Surgical Hope for Pancreatic Cancer
The diagnosis of cancer can be tough to process. But when diagnosed with pancreatic cancer, a disease commonly known to have low survival rates, patients find it hard to hold on to hope.
Steven Hughes, M.D., chief of the division of surgical oncology at University of Florida Health, provides innovative care for patients with pancreatic diseases.
“Perhaps the greatest challenge pancreatic cancer patients face today is the misconception that there is no hope after diagnosis,” Hughes said. “National statistics show that as many as 40% of patients with early pancreatic cancer that are candidates for surgery never even see a surgeon. We must alter this perception.”
UF Health consultations can provide hope and options for patients diagnosed with pancreatic cancer. Hughes emphasized that this is an important resource to acknowledge.
Patients with early pancreatic cancer could qualify for minimally invasive surgery, including the Whipple procedure, an operation that involves removing the head of the pancreas, the beginning of the small intestine, the gallbladder and the bile duct and reattaching the remaining organs to allow for normal digestion after surgery.
“One important point of this is that, in the right hands, surgery for pancreatic cancer has become very safe,” Hughes said. “In fact, most patients can qualify as candidates for minimally invasive (laparoscopic or robotic) surgical approaches, often referred to as key-hole or Band-Aid surgery.”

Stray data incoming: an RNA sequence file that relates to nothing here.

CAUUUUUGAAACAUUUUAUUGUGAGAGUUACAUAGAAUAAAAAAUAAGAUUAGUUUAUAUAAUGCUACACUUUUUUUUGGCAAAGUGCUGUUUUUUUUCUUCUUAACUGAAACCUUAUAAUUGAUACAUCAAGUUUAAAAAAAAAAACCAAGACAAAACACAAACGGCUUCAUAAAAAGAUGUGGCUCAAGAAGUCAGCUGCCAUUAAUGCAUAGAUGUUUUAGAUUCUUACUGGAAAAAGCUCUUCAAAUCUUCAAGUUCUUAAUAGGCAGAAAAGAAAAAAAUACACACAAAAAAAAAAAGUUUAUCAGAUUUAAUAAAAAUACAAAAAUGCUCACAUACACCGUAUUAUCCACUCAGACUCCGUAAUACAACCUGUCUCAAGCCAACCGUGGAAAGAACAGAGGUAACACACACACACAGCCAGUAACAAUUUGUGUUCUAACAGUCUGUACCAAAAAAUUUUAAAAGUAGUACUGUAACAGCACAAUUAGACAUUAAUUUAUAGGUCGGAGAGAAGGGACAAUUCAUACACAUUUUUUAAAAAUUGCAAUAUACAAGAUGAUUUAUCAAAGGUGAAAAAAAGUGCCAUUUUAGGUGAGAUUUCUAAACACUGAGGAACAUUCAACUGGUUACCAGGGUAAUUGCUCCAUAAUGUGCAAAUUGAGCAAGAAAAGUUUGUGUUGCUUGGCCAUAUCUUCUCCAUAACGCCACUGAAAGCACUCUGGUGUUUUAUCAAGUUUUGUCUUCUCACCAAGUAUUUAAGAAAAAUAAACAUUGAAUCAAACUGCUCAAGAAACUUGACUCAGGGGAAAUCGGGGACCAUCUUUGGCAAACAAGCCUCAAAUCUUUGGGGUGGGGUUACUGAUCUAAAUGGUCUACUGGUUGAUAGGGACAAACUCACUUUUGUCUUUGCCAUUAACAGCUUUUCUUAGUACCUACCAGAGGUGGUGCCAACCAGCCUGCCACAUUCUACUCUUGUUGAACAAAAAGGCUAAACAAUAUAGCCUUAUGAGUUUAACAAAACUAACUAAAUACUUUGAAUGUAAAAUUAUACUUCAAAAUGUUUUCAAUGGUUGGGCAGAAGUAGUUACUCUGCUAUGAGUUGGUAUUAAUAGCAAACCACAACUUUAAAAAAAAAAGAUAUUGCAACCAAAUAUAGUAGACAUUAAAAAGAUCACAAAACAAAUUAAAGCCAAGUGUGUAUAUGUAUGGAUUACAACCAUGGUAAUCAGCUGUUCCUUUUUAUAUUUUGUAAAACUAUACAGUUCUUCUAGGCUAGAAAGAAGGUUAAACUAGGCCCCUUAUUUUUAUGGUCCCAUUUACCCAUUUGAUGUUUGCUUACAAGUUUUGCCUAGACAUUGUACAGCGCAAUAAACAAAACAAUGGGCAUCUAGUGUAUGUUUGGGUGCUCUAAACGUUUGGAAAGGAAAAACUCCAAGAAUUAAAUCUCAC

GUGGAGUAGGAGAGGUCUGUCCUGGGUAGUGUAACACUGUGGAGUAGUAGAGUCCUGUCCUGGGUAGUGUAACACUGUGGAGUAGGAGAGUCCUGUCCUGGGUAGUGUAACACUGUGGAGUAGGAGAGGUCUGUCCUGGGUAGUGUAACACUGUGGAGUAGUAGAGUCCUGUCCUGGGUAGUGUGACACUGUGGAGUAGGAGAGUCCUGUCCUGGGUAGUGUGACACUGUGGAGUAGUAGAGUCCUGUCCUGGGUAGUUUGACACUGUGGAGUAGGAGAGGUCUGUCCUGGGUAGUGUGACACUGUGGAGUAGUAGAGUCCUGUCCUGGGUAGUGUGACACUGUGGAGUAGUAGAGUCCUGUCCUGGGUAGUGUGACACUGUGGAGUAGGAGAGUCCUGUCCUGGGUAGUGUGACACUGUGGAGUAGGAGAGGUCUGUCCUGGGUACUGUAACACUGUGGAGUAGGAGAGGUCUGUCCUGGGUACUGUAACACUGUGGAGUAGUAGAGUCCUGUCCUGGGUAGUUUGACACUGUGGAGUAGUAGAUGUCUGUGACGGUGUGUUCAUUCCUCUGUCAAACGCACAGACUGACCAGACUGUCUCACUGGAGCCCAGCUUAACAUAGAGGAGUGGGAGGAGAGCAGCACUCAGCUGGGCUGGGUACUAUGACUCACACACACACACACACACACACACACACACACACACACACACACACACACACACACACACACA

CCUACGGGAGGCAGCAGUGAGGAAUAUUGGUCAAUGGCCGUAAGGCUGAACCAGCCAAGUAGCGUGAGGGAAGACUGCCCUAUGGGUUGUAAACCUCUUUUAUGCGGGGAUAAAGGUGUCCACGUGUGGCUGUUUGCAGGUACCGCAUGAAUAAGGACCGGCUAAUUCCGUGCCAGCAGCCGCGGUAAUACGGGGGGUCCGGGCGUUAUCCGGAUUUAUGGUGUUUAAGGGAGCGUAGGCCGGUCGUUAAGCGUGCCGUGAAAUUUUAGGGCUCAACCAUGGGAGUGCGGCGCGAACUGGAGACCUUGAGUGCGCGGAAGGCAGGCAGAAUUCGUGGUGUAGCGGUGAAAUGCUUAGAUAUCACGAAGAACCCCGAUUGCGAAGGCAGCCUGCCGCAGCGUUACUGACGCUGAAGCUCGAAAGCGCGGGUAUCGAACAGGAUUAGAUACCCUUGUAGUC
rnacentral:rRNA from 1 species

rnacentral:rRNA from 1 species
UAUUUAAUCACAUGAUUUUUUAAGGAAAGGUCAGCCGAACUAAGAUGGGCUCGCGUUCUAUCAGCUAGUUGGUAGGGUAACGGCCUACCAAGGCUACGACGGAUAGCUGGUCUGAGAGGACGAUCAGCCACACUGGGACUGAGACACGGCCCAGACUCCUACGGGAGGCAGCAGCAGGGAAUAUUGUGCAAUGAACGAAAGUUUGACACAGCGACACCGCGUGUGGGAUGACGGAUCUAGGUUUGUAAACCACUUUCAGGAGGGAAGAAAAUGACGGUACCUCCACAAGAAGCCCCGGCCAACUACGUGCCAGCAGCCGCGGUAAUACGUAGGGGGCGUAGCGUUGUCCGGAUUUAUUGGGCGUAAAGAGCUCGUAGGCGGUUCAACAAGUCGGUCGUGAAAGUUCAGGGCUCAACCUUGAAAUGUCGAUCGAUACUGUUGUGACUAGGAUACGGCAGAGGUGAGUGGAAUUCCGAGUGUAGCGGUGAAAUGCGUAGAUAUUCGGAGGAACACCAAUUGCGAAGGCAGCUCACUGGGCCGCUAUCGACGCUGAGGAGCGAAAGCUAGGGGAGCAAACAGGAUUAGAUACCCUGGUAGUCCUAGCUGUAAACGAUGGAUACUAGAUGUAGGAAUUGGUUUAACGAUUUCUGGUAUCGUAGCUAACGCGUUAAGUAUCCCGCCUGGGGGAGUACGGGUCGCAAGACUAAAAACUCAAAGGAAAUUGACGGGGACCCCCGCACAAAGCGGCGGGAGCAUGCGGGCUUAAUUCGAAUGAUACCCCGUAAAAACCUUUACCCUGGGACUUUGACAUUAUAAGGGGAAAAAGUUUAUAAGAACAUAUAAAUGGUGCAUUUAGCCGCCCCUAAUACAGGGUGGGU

Hughes and his UF Health colleagues are highly experienced in Whipple procedures, performing a high volume of about 100 a year. To have the best outcome from this operation, the American Cancer Society recommends that patients seek a hospital that does at least 15 Whipple procedures per year.
“Individual expectations may vary, but the vast majority of patients can expect to return to a normal life within a month or two after these procedures,” he said.
The National Pancreas Foundation (NPF) recently named UF Health an NPF Center for excellence in pancreatic cancer treatment. The designation acknowledges high-quality approaches toward pancreatic cancer treatment.
“UF Health has a select team of surgeons devoted to pancreatic surgery, and our rates of use of robotic and/or laparoscopic approaches, outcomes and complication rates are among the best in the country,” Hughes said.